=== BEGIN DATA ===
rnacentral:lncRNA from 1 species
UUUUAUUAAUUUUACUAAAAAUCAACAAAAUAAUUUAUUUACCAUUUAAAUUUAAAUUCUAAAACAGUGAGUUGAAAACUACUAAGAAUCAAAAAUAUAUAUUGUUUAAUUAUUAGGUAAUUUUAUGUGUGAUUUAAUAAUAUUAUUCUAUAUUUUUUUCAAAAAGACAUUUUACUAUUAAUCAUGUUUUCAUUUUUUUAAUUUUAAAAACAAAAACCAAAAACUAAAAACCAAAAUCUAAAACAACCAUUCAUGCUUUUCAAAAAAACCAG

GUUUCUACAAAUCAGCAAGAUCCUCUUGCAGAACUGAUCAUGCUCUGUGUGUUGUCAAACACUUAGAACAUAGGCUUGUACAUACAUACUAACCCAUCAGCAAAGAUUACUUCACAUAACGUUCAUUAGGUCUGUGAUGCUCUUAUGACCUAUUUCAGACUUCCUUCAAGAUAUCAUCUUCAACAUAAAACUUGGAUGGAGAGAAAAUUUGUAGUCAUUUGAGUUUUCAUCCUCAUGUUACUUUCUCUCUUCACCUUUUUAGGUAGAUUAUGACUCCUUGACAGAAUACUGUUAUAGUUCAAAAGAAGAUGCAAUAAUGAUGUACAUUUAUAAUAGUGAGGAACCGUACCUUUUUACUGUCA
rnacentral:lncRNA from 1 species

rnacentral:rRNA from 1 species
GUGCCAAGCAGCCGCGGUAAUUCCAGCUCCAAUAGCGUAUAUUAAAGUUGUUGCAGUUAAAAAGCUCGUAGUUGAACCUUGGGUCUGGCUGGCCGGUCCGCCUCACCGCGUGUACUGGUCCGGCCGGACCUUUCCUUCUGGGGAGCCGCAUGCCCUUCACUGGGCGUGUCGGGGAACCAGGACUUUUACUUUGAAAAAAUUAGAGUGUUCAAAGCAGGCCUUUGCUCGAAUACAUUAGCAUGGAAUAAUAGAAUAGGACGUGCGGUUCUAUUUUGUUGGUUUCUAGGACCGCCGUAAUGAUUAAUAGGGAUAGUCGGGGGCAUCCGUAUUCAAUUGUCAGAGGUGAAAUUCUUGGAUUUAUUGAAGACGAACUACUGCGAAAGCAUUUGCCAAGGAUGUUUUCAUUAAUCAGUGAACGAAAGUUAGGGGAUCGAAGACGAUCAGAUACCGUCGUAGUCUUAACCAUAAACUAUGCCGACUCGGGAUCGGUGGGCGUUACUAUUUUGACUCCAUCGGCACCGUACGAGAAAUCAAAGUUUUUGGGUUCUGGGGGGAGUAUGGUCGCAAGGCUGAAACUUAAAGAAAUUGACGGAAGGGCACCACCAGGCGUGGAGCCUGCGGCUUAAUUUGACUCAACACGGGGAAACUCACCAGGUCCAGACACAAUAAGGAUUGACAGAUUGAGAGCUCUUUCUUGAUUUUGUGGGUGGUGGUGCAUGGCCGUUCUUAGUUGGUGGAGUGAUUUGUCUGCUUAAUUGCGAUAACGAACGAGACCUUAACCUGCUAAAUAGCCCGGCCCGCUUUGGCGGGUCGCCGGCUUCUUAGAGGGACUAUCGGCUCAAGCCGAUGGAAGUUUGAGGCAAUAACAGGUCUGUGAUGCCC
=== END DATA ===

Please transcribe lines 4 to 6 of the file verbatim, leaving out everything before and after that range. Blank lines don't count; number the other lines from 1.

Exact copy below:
rnacentral:lncRNA from 1 species

rnacentral:rRNA from 1 species
GUGCCAAGCAGCCGCGGUAAUUCCAGCUCCAAUAGCGUAUAUUAAAGUUGUUGCAGUUAAAAAGCUCGUAGUUGAACCUUGGGUCUGGCUGGCCGGUCCGCCUCACCGCGUGUACUGGUCCGGCCGGACCUUUCCUUCUGGGGAGCCGCAUGCCCUUCACUGGGCGUGUCGGGGAACCAGGACUUUUACUUUGAAAAAAUUAGAGUGUUCAAAGCAGGCCUUUGCUCGAAUACAUUAGCAUGGAAUAAUAGAAUAGGACGUGCGGUUCUAUUUUGUUGGUUUCUAGGACCGCCGUAAUGAUUAAUAGGGAUAGUCGGGGGCAUCCGUAUUCAAUUGUCAGAGGUGAAAUUCUUGGAUUUAUUGAAGACGAACUACUGCGAAAGCAUUUGCCAAGGAUGUUUUCAUUAAUCAGUGAACGAAAGUUAGGGGAUCGAAGACGAUCAGAUACCGUCGUAGUCUUAACCAUAAACUAUGCCGACUCGGGAUCGGUGGGCGUUACUAUUUUGACUCCAUCGGCACCGUACGAGAAAUCAAAGUUUUUGGGUUCUGGGGGGAGUAUGGUCGCAAGGCUGAAACUUAAAGAAAUUGACGGAAGGGCACCACCAGGCGUGGAGCCUGCGGCUUAAUUUGACUCAACACGGGGAAACUCACCAGGUCCAGACACAAUAAGGAUUGACAGAUUGAGAGCUCUUUCUUGAUUUUGUGGGUGGUGGUGCAUGGCCGUUCUUAGUUGGUGGAGUGAUUUGUCUGCUUAAUUGCGAUAACGAACGAGACCUUAACCUGCUAAAUAGCCCGGCCCGCUUUGGCGGGUCGCCGGCUUCUUAGAGGGACUAUCGGCUCAAGCCGAUGGAAGUUUGAGGCAAUAACAGGUCUGUGAUGCCC